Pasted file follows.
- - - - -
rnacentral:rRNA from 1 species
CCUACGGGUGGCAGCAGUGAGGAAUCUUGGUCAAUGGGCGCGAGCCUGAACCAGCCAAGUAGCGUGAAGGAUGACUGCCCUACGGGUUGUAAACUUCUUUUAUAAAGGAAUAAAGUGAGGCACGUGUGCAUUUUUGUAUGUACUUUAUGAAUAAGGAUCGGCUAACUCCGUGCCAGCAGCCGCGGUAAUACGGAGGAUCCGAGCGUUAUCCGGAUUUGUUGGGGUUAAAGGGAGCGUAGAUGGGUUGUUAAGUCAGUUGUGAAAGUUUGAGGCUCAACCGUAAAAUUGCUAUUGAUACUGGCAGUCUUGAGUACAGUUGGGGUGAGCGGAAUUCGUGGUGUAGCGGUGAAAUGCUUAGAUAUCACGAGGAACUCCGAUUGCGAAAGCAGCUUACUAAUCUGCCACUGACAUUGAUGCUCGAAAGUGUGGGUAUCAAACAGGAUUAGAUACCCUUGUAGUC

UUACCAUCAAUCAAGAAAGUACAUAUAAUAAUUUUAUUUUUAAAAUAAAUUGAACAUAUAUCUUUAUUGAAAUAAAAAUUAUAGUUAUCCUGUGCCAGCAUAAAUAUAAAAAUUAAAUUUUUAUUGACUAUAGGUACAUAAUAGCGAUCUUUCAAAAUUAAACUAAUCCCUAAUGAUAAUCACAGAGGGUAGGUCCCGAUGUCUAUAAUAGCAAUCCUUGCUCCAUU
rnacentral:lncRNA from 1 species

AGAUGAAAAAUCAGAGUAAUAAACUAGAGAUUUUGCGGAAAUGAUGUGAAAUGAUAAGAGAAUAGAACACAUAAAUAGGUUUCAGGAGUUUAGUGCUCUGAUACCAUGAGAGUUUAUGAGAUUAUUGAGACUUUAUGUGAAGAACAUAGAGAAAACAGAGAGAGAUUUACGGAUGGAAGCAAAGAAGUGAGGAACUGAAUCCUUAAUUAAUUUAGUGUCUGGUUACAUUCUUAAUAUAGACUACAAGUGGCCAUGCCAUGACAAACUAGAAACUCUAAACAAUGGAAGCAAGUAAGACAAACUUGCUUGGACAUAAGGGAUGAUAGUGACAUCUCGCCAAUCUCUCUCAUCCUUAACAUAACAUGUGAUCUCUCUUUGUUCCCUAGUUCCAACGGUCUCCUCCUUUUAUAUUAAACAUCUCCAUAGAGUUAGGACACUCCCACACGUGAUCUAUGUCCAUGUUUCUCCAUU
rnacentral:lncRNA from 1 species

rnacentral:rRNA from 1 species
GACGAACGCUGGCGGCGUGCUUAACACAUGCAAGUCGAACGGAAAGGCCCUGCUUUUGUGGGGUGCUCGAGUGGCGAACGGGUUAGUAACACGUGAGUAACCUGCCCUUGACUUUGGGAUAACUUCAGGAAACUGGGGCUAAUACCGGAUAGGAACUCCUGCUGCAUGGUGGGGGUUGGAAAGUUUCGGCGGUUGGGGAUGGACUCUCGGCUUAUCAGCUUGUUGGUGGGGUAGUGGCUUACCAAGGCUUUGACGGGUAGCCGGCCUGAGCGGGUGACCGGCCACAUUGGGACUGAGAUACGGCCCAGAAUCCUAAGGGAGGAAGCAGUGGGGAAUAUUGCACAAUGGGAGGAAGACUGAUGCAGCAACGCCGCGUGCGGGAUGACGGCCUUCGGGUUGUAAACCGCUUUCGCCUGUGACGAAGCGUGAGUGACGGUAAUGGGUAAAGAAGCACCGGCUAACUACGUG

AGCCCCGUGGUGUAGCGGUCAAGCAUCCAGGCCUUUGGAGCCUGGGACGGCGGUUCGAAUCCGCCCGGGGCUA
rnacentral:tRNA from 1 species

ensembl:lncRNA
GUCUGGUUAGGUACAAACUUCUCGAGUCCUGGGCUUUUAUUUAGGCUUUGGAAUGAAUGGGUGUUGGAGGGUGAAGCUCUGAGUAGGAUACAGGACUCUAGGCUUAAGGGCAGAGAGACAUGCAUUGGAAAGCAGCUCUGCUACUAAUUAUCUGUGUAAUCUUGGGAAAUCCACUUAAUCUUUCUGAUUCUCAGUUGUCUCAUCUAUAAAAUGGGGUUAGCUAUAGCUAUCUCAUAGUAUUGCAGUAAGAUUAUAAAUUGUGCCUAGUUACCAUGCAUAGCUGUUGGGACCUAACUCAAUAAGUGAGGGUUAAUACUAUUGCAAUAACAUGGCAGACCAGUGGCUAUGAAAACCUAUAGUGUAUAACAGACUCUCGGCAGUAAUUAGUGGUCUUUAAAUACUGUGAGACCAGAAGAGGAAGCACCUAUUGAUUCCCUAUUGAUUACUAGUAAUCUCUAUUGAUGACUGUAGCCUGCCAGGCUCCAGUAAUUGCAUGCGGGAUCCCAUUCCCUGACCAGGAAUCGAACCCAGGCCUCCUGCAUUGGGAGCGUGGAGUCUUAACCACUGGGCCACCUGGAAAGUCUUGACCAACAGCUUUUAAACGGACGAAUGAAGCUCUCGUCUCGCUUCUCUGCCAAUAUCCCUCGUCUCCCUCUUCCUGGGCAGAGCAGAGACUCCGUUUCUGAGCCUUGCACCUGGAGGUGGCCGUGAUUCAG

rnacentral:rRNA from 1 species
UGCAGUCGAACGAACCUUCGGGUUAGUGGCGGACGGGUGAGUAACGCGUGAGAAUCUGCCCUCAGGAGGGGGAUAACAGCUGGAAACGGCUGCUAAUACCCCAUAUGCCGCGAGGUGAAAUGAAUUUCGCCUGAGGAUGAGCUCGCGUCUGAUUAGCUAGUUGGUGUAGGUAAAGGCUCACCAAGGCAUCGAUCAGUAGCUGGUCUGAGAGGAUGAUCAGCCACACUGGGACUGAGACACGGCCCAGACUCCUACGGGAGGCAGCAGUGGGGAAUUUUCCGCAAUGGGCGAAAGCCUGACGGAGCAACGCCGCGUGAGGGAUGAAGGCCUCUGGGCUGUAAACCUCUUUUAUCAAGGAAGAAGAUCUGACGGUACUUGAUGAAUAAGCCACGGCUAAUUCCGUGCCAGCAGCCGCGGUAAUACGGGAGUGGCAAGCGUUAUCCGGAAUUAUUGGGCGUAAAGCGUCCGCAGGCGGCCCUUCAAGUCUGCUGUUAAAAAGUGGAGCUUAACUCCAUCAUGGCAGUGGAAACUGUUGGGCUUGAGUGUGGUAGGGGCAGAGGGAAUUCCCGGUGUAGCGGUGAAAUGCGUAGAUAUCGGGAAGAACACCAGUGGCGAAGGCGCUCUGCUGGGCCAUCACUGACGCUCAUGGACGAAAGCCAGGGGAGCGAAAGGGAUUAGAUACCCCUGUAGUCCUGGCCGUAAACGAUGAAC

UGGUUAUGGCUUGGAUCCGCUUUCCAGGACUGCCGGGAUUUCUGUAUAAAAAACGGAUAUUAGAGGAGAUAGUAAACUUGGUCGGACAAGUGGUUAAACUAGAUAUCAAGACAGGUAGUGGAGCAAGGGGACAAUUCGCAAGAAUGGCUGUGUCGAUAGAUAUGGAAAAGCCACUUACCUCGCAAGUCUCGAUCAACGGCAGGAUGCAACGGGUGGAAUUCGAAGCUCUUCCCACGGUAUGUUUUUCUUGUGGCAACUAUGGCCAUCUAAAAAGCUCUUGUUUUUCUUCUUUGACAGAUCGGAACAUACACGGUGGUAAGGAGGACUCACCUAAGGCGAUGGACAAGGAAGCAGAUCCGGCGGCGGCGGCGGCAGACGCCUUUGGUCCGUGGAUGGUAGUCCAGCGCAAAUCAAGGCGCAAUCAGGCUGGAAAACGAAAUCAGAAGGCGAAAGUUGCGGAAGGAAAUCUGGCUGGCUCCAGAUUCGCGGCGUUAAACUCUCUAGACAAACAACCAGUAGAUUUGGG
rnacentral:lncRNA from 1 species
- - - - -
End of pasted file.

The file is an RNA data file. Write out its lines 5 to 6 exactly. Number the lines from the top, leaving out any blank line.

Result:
AGAUGAAAAAUCAGAGUAAUAAACUAGAGAUUUUGCGGAAAUGAUGUGAAAUGAUAAGAGAAUAGAACACAUAAAUAGGUUUCAGGAGUUUAGUGCUCUGAUACCAUGAGAGUUUAUGAGAUUAUUGAGACUUUAUGUGAAGAACAUAGAGAAAACAGAGAGAGAUUUACGGAUGGAAGCAAAGAAGUGAGGAACUGAAUCCUUAAUUAAUUUAGUGUCUGGUUACAUUCUUAAUAUAGACUACAAGUGGCCAUGCCAUGACAAACUAGAAACUCUAAACAAUGGAAGCAAGUAAGACAAACUUGCUUGGACAUAAGGGAUGAUAGUGACAUCUCGCCAAUCUCUCUCAUCCUUAACAUAACAUGUGAUCUCUCUUUGUUCCCUAGUUCCAACGGUCUCCUCCUUUUAUAUUAAACAUCUCCAUAGAGUUAGGACACUCCCACACGUGAUCUAUGUCCAUGUUUCUCCAUU
rnacentral:lncRNA from 1 species